In January 2021, the plug was pulled on any potential "Green Arrow & The Canaries" series as The CW decided not to go ahead with it, according to TVLine. Soon after, "Arrow" co-creator Marc Guggenheim revealed on Twitter that the decision had been made much earlier than that date and was largely influenced by the effects of the COVID-19 pandemic.

Cassidy wasn't too shattered by this turn of events, though, as she explained to ComicBookMovie.com in April 2022: "I say this in the most respectful, kind, realistic way ... We really, really milked that cow." She added that she would have enjoyed doing the show and appreciated her castmates, but it was also important to do something else and different.

TNT's Teen Titans

There's a reason the "Titans" TV series doesn't have "teen" anywhere in its title — not many of the characters are actually teenagers in the show. That's okay, though, because the adaptation is darker and takes the storytelling in a more mature direction than the comics ever did. However, there are many "Teen Titans" fans who would love nothing more than to see a live-action adaptation of the beloved, youthful team and all their exuberance. And it almost happened before "Titans" received the green light.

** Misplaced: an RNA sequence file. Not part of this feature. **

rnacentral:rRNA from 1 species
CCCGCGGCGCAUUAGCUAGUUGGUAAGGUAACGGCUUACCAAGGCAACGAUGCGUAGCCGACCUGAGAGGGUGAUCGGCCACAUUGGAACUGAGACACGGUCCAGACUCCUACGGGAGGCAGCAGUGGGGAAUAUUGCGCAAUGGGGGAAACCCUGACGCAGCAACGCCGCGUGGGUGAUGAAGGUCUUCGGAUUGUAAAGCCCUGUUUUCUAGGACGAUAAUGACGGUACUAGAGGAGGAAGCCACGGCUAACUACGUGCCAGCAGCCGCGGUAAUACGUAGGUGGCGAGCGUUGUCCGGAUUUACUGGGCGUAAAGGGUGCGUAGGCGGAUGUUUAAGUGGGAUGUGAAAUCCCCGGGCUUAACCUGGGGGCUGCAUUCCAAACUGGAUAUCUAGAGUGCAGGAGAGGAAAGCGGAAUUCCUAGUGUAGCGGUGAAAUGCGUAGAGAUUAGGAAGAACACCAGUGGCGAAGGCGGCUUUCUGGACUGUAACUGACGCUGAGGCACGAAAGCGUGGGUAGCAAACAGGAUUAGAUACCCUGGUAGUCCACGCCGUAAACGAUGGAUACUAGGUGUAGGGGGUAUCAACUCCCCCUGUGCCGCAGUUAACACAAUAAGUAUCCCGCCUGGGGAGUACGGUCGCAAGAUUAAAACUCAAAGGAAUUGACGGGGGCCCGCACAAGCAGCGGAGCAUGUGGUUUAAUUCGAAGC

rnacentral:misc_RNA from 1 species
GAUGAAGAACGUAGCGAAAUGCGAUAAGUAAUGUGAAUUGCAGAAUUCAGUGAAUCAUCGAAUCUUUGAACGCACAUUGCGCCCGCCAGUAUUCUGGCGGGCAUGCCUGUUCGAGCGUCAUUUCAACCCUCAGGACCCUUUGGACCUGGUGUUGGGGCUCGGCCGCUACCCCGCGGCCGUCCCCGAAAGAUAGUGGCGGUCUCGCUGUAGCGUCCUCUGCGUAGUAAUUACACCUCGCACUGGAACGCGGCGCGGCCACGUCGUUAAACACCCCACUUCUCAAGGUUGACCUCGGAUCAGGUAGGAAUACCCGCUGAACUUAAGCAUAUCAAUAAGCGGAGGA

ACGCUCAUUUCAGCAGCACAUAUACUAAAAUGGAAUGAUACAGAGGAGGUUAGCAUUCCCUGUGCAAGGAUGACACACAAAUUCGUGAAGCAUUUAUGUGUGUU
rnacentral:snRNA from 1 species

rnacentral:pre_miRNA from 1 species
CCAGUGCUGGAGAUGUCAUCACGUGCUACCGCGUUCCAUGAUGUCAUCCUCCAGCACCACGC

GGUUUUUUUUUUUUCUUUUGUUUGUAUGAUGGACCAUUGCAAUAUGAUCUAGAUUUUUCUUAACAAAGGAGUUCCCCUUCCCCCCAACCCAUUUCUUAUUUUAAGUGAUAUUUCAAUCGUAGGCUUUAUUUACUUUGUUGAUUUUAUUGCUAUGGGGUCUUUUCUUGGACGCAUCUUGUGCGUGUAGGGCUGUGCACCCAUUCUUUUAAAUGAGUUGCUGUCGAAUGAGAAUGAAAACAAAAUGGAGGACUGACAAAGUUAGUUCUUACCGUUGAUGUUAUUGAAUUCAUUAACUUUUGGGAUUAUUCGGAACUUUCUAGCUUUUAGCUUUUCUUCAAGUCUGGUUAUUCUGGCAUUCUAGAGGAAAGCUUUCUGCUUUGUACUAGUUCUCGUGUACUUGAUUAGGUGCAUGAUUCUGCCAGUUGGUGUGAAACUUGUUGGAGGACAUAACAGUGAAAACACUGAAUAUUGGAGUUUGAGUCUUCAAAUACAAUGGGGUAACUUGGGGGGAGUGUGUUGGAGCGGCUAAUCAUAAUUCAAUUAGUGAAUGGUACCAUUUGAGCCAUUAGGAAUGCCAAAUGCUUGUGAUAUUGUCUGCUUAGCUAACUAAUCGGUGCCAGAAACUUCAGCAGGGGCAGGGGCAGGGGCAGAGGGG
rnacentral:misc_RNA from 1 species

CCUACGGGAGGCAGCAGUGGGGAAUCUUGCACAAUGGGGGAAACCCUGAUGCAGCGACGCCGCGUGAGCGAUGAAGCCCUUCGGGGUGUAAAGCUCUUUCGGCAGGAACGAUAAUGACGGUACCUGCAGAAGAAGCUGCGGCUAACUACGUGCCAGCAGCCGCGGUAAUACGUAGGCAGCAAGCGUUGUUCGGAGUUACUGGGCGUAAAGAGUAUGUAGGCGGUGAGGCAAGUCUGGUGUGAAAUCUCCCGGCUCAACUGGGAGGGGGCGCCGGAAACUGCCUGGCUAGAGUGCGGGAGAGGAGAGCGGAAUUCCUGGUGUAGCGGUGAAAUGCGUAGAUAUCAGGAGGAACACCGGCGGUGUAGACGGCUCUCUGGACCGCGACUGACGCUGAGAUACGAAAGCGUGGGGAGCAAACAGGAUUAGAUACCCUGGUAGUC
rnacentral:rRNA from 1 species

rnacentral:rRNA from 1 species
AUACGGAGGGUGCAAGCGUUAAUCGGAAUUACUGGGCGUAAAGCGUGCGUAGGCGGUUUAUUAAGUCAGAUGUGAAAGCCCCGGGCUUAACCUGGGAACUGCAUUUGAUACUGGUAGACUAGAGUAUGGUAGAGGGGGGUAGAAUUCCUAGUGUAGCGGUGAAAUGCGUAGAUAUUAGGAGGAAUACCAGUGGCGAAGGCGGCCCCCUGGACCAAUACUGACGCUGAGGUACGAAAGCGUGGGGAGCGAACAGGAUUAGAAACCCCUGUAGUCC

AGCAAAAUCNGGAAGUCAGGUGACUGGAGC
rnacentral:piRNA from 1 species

As reported by Variety, TNT had planned to make a "Teen Titans" show that centered around Dick Grayson and his transition from Robin to Nightwing in 2014, with Marc Haimes and Akiva Goldsman being two of the executives attached to the project. In 2016, former TNT president Kevin Reilly announced the production had been shelved and would not take flight on TNT. The Titans lived on, though, and finally received their own show — which Goldsman co-created — first airing on DC Universe then moving over to HBO Max from Season 3.

The CW's Amazon

The superhero boom in the 2010s inspired networks and studios to get in on a piece of the action. Considering the success of the '70s "Wonder Woman" TV series starring Lynda Carter, executives must have been salivating at the thought of trying something similar in a more lucrative, modern era. In 2011, a pilot for a new potential show was produced, which starred Adrianne Palicki as the titular hero; however, it was never picked up. A year later, Vulture reported that The CW was eyeing a series that would follow a young Diana Prince before she became Wonder Woman. The working title for the show was "Amazon," and it was set to be written by Allan Heinberg.